I spent my afternoon today at the South East Christian Resources Exhibition, and here and there was the odd thing I thought I’d share (a lot of which doesn’t fall directly within my purview but which I tentatively share with you anyway).
I discovered a new (to me) magazine called Preach which feels a little bit like it’s talking to beginners, but which has some thoughtful articles if you’re looking for something to help with technique.
There was a stack of Bible translations and editions of every shape and size and translation. It reminded me that I’ve been using the same to Bible translations for a considerable number of years. It’s always worth reviewing from time to time, both for corporate worship and private prayer, whether we using the best translation, or even whether a change from time to time could liven up familiar texts.
An example of TheWritingOnTheWall part of Word Visible’s range
a wall of the chapel (keep an eye out for WordVisible.co.uk). Often making our worship beautiful can feel like a waste of our resources – especially when resources are tight, but it’s worth remembering that beauty can often free us from ourselves, enlarge our vision and glorify the Almighty.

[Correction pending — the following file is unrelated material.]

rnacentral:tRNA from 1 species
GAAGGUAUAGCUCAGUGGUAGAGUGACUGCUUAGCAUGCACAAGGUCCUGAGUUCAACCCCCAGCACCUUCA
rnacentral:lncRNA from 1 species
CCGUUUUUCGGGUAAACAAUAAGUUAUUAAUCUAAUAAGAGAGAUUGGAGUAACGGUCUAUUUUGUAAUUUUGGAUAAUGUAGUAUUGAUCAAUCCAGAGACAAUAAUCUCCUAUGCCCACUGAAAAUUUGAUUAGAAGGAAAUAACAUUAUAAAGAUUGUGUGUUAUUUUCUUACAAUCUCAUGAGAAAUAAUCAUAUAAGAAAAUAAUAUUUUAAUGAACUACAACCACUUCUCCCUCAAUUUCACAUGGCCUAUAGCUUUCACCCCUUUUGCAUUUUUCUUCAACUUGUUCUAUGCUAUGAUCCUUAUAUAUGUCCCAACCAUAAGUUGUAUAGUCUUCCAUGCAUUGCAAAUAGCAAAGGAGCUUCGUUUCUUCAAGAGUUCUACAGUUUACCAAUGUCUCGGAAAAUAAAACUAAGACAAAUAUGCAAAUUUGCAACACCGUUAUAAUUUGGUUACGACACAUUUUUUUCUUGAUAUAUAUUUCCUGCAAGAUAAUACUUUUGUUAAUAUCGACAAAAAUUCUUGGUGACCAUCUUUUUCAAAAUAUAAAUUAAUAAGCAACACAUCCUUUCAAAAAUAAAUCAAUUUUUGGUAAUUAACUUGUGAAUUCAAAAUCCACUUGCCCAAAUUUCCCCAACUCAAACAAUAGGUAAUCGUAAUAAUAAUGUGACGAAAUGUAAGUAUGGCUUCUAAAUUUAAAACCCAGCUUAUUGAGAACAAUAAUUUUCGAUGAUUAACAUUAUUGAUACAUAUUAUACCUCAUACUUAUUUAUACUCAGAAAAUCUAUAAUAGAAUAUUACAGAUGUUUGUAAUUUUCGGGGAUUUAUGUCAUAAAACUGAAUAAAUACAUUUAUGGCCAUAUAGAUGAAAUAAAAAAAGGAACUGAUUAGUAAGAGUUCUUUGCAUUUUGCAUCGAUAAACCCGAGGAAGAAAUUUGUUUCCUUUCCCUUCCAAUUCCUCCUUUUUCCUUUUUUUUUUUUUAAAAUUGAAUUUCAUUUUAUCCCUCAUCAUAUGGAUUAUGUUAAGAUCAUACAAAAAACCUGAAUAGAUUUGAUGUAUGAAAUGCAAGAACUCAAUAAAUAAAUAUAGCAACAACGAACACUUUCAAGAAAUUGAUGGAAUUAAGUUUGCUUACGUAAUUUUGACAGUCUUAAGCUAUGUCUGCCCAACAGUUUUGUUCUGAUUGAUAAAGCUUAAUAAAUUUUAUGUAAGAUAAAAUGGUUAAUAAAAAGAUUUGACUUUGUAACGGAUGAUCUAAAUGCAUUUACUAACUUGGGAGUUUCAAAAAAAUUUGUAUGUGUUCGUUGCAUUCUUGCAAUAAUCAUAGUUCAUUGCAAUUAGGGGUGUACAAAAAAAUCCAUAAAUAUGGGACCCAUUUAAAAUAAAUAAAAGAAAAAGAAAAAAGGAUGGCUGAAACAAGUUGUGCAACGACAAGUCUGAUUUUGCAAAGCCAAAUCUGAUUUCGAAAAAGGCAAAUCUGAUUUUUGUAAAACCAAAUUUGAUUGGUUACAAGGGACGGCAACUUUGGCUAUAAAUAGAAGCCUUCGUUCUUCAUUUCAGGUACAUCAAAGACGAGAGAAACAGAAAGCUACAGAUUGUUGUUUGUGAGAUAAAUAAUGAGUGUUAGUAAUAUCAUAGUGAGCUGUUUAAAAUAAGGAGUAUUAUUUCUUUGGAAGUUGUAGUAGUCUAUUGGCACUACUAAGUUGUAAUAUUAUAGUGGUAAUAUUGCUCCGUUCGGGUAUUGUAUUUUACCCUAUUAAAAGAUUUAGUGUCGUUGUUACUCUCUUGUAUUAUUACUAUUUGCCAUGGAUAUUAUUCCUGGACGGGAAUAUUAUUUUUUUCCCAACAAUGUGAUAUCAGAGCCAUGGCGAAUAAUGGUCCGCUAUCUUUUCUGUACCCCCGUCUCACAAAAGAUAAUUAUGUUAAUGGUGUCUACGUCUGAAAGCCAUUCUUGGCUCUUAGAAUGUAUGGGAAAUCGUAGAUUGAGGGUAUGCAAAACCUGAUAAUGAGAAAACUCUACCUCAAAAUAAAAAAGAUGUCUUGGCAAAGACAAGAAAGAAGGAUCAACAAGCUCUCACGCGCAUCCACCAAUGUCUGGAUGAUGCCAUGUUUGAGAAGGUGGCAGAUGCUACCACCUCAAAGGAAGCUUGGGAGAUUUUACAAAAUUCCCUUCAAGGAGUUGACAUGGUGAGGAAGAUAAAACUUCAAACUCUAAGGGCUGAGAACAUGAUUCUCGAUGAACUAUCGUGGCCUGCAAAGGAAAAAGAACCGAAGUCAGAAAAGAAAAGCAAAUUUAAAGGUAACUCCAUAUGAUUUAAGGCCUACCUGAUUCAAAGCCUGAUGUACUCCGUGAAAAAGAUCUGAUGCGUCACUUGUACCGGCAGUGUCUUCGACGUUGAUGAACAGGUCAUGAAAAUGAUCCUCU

The Bethlehem Carol sheet was out, which is a publication I would recommend anyone. Not only is it a worthy cause, but it gives you a well-produced carol sheet that people can take home. However, what interested me was a book they have produced to accompany the sheet that sketches out a number of carol service ideas: Bethlehem Carols Unpacked.
Another book on display was called Prepare the Way with Posters at the heart of which
was an impulse to encourage people to experiment and make their own posters to decorate noticeboards and churches. Some of the posters they had on display were really beautiful with very simple techniques. And indeed, the very act of making the poster can be a powerful piece of devotion or study.
Tucked in a corner I found The Good News Colouring Book – a resource for congregations ministering to international communities. While on the face of it quite simplistic, colouring in together can be very peaceful exercise that crosses all kinds of boundaries. Not to mention the welcome it gives to children.
Finally a little plug for decent coffee. I don’t even drink coffee, but the quality of our hospitality is often a mark of our welcome. And it doesn’t have to cost the earth.